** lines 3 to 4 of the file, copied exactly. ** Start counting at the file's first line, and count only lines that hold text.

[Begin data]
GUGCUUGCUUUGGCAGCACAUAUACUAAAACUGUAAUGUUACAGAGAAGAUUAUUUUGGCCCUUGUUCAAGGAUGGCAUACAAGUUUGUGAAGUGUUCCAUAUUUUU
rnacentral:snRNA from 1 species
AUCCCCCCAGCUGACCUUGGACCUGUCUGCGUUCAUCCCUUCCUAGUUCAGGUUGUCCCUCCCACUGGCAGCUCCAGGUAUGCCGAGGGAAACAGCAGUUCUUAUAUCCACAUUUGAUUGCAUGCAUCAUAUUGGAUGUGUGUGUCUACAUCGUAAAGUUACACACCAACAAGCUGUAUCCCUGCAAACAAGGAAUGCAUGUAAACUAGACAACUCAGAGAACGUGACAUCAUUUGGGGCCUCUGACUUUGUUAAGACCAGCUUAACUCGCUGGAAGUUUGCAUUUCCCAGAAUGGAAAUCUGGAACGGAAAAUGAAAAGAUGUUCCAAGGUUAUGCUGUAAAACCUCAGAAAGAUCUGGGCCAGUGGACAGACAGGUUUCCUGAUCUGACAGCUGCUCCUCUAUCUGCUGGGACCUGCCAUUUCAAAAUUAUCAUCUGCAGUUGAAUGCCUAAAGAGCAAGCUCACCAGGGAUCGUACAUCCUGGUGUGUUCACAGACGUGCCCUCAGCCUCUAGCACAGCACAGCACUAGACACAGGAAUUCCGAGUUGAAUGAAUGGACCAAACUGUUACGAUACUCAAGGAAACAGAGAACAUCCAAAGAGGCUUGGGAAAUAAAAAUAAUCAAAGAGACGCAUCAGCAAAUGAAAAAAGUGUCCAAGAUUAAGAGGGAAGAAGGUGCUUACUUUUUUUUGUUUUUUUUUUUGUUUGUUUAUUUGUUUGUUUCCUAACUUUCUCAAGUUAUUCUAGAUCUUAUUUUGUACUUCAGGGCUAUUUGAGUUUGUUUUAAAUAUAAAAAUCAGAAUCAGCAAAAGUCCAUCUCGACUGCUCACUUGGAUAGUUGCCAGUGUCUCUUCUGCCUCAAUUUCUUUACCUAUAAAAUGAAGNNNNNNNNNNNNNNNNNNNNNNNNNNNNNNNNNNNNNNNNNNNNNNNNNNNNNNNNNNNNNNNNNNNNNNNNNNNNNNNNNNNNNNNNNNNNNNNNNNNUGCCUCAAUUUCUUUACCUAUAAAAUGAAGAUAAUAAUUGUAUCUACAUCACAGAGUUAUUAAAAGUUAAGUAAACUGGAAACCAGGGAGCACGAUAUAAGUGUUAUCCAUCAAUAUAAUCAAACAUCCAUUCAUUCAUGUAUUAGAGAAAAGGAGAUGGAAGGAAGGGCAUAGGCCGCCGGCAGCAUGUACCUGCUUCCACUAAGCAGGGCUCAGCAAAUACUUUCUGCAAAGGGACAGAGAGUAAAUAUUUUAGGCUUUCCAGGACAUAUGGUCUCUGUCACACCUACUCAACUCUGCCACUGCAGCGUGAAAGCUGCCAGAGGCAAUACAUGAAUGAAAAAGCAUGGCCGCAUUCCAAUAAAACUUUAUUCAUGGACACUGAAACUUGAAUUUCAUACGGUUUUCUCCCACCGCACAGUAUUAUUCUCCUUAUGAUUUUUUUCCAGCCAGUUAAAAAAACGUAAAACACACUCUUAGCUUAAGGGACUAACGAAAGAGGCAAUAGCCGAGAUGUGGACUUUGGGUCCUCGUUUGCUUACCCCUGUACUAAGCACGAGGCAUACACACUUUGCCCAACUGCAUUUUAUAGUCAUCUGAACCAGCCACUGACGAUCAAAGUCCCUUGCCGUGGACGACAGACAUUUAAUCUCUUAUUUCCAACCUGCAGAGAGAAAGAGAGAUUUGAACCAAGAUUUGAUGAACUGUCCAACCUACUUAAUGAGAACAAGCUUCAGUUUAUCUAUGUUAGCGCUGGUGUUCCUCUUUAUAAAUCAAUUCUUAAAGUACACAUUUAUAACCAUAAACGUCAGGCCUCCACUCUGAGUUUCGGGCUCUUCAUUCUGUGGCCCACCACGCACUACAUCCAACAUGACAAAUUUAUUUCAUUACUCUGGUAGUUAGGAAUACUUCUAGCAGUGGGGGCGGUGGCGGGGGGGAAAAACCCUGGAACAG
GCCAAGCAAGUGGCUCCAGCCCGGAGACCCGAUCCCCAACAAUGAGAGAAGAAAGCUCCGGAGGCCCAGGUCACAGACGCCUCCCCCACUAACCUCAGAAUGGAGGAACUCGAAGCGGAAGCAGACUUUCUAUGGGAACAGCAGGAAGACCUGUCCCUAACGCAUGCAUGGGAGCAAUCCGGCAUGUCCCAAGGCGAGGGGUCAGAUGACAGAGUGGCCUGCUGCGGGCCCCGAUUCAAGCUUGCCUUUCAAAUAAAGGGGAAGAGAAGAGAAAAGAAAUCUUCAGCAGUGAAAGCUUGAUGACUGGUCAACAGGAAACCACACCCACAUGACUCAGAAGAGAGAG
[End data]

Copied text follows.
AUCCCCCCAGCUGACCUUGGACCUGUCUGCGUUCAUCCCUUCCUAGUUCAGGUUGUCCCUCCCACUGGCAGCUCCAGGUAUGCCGAGGGAAACAGCAGUUCUUAUAUCCACAUUUGAUUGCAUGCAUCAUAUUGGAUGUGUGUGUCUACAUCGUAAAGUUACACACCAACAAGCUGUAUCCCUGCAAACAAGGAAUGCAUGUAAACUAGACAACUCAGAGAACGUGACAUCAUUUGGGGCCUCUGACUUUGUUAAGACCAGCUUAACUCGCUGGAAGUUUGCAUUUCCCAGAAUGGAAAUCUGGAACGGAAAAUGAAAAGAUGUUCCAAGGUUAUGCUGUAAAACCUCAGAAAGAUCUGGGCCAGUGGACAGACAGGUUUCCUGAUCUGACAGCUGCUCCUCUAUCUGCUGGGACCUGCCAUUUCAAAAUUAUCAUCUGCAGUUGAAUGCCUAAAGAGCAAGCUCACCAGGGAUCGUACAUCCUGGUGUGUUCACAGACGUGCCCUCAGCCUCUAGCACAGCACAGCACUAGACACAGGAAUUCCGAGUUGAAUGAAUGGACCAAACUGUUACGAUACUCAAGGAAACAGAGAACAUCCAAAGAGGCUUGGGAAAUAAAAAUAAUCAAAGAGACGCAUCAGCAAAUGAAAAAAGUGUCCAAGAUUAAGAGGGAAGAAGGUGCUUACUUUUUUUUGUUUUUUUUUUUGUUUGUUUAUUUGUUUGUUUCCUAACUUUCUCAAGUUAUUCUAGAUCUUAUUUUGUACUUCAGGGCUAUUUGAGUUUGUUUUAAAUAUAAAAAUCAGAAUCAGCAAAAGUCCAUCUCGACUGCUCACUUGGAUAGUUGCCAGUGUCUCUUCUGCCUCAAUUUCUUUACCUAUAAAAUGAAGNNNNNNNNNNNNNNNNNNNNNNNNNNNNNNNNNNNNNNNNNNNNNNNNNNNNNNNNNNNNNNNNNNNNNNNNNNNNNNNNNNNNNNNNNNNNNNNNNNNUGCCUCAAUUUCUUUACCUAUAAAAUGAAGAUAAUAAUUGUAUCUACAUCACAGAGUUAUUAAAAGUUAAGUAAACUGGAAACCAGGGAGCACGAUAUAAGUGUUAUCCAUCAAUAUAAUCAAACAUCCAUUCAUUCAUGUAUUAGAGAAAAGGAGAUGGAAGGAAGGGCAUAGGCCGCCGGCAGCAUGUACCUGCUUCCACUAAGCAGGGCUCAGCAAAUACUUUCUGCAAAGGGACAGAGAGUAAAUAUUUUAGGCUUUCCAGGACAUAUGGUCUCUGUCACACCUACUCAACUCUGCCACUGCAGCGUGAAAGCUGCCAGAGGCAAUACAUGAAUGAAAAAGCAUGGCCGCAUUCCAAUAAAACUUUAUUCAUGGACACUGAAACUUGAAUUUCAUACGGUUUUCUCCCACCGCACAGUAUUAUUCUCCUUAUGAUUUUUUUCCAGCCAGUUAAAAAAACGUAAAACACACUCUUAGCUUAAGGGACUAACGAAAGAGGCAAUAGCCGAGAUGUGGACUUUGGGUCCUCGUUUGCUUACCCCUGUACUAAGCACGAGGCAUACACACUUUGCCCAACUGCAUUUUAUAGUCAUCUGAACCAGCCACUGACGAUCAAAGUCCCUUGCCGUGGACGACAGACAUUUAAUCUCUUAUUUCCAACCUGCAGAGAGAAAGAGAGAUUUGAACCAAGAUUUGAUGAACUGUCCAACCUACUUAAUGAGAACAAGCUUCAGUUUAUCUAUGUUAGCGCUGGUGUUCCUCUUUAUAAAUCAAUUCUUAAAGUACACAUUUAUAACCAUAAACGUCAGGCCUCCACUCUGAGUUUCGGGCUCUUCAUUCUGUGGCCCACCACGCACUACAUCCAACAUGACAAAUUUAUUUCAUUACUCUGGUAGUUAGGAAUACUUCUAGCAGUGGGGGCGGUGGCGGGGGGGAAAAACCCUGGAACAG
GCCAAGCAAGUGGCUCCAGCCCGGAGACCCGAUCCCCAACAAUGAGAGAAGAAAGCUCCGGAGGCCCAGGUCACAGACGCCUCCCCCACUAACCUCAGAAUGGAGGAACUCGAAGCGGAAGCAGACUUUCUAUGGGAACAGCAGGAAGACCUGUCCCUAACGCAUGCAUGGGAGCAAUCCGGCAUGUCCCAAGGCGAGGGGUCAGAUGACAGAGUGGCCUGCUGCGGGCCCCGAUUCAAGCUUGCCUUUCAAAUAAAGGGGAAGAGAAGAGAAAAGAAAUCUUCAGCAGUGAAAGCUUGAUGACUGGUCAACAGGAAACCACACCCACAUGACUCAGAAGAGAGAG